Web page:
db2Dean a.k.a. Dean Compher a.k.a “The Dean of DB2” is here to answer your DB2 Questions !
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Welcome to db2Dean’s web site. I’m Dean Compher an IBM IT Specialist who, along with my team, helps customers and prospective customers with DB2 on Linux, UNIX and Windows (LUW) technical questions and issues. As this page makes painfully clear, I am a DBA and not a web designer, but I would be happy to get your DB2 questions answered or talk to you about the great features of DB2 or IBM Integration Products. If you are looking at a new database solution or want to compare us to your existing database vendor, please do not hesitate to contact me about getting a presentation or just to ask questions. My e-mail address is dean@db2Dean.com
I am located in Utah and primarily serve DB2/LUW and dashDB customers in the Western US, but I can forward requests to my peers in other technology and geographic areas as well. My team also covers Big Data and Informix and products. There are questions that I get on a regular basis, and I will write articles relating to them here. I hope that you find them useful. I also welcome suggestions for future content. Click here for more information about me.
30 August 2016
When you want to move a lot of data to your tables in dashDB you have several options. I have been using a number of them and will share my experiences along with information I have learned from Kelly Schlamb in this article. The less data that you have to load the more options you have, because for large data sets you will want to use utilities that compensate for network speeds. That is because the speed of uploads is limited by the network speed of your internet connection. In this article, I’ll start small and discuss options for larger data sets. A number of these options are also available for DB2 on Cloud as well.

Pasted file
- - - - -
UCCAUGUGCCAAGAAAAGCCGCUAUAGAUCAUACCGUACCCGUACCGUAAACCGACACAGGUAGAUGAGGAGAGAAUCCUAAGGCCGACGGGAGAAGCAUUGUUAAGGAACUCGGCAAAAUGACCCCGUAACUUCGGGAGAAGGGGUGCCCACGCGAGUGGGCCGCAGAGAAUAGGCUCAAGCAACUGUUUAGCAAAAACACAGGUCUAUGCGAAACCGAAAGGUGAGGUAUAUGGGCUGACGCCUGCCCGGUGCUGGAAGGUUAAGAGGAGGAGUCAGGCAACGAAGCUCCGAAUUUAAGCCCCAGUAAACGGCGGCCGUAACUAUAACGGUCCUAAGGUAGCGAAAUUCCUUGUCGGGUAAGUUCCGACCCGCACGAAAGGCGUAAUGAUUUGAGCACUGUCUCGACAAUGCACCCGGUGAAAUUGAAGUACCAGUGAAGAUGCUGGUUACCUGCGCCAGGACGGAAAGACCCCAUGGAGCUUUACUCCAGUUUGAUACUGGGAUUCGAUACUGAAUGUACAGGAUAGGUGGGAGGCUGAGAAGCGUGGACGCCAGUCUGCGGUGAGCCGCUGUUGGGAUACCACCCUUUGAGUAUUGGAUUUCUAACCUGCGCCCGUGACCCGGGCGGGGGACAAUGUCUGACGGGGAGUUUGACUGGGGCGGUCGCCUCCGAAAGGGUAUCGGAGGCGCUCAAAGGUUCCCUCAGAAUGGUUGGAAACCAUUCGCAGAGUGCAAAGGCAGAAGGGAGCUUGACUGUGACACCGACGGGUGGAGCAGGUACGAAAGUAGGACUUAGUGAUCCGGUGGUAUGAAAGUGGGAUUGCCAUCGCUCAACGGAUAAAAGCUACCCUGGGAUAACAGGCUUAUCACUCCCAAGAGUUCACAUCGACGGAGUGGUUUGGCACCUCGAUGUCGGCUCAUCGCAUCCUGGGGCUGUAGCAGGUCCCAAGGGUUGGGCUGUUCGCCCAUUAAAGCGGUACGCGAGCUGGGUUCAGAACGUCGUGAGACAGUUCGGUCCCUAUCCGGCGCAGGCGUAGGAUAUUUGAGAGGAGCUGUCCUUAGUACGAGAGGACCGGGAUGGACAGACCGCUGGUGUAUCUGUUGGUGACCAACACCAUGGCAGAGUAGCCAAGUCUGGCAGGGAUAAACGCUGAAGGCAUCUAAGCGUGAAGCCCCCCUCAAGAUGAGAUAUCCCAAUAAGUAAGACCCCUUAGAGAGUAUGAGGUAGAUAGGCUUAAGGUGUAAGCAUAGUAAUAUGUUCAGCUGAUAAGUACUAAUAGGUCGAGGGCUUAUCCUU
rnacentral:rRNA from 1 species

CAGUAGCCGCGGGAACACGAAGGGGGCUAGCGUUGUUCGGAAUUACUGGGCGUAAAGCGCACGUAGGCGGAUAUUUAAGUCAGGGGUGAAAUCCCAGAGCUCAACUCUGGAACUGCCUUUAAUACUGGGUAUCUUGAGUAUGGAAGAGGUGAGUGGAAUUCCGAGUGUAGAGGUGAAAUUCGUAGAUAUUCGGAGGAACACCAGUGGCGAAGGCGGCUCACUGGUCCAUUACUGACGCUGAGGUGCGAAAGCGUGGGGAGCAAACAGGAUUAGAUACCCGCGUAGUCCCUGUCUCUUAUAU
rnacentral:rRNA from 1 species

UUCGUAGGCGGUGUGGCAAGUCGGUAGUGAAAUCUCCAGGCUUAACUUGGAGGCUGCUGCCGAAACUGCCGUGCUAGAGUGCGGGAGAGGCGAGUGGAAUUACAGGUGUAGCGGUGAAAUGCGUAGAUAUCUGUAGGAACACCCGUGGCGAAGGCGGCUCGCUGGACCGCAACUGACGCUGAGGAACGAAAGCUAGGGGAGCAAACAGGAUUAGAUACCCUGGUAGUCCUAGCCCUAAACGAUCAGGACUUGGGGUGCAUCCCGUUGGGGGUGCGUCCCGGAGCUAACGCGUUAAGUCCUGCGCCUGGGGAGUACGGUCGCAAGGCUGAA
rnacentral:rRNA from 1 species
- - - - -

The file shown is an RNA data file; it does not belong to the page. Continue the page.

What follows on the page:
In this article I will discuss loading your own structured data into dashDB. dashDB has facilities to get various types of unstructured data like JSON documents, Twitter feeds, and others into it, but I’ll discuss those in another article.
General Table Loading Tips
Please note this about loading data from files into dashDB and DB2 on Cloud. It is a very common practice to load data from CSV and other files exported from other databases for your initial load of table. You will want to be very careful about two things when creating these files. If you use double quotes to enclose character strings, make absolutely sure that you do not have double quotes in any of your character stings. This causes problems for the load and other utilities. The easiest way around is to use something other than double quotes for your character string delimiters when you create the file. Just make sure that the character string delimiter that you use is not in any of the character strings. The other issue that I frequently see is having the new line character in character strings. This causes utilities to break records at inappropriate places. You can either remove those characters from the file or use the delprioritychar modifier in the dashDB load utility. This is only available when you call the LOAD directly since other facilities that call the load for you may not allow passing of parameters like this.
Using the LOAD utility for the initial load of a table will frequently create the best compression dictionaries for column organized tables. Column is the default organization for dashDB analytics databases. It is also good to have a large amount of data in the initial load for the best compression dictionaries. This is because the more data that you have when the compression dictionaries are built the more representative the data set is likely to be of what will ultimately be in the table. The better your compression dictionaries are the better your performance of column organized tables will tend to be.
Loading Less than 100 MB
When loading data sets under approximately 100 Megabytes, the field is wide open. This is not a hard limit. It is only a rule of thumb for an approximate amount of data that can be uploaded in a reasonable time without utilities to compensate for data transfer speeds. Depending on your network speed and definition of acceptable time, then you may need to adjust this number.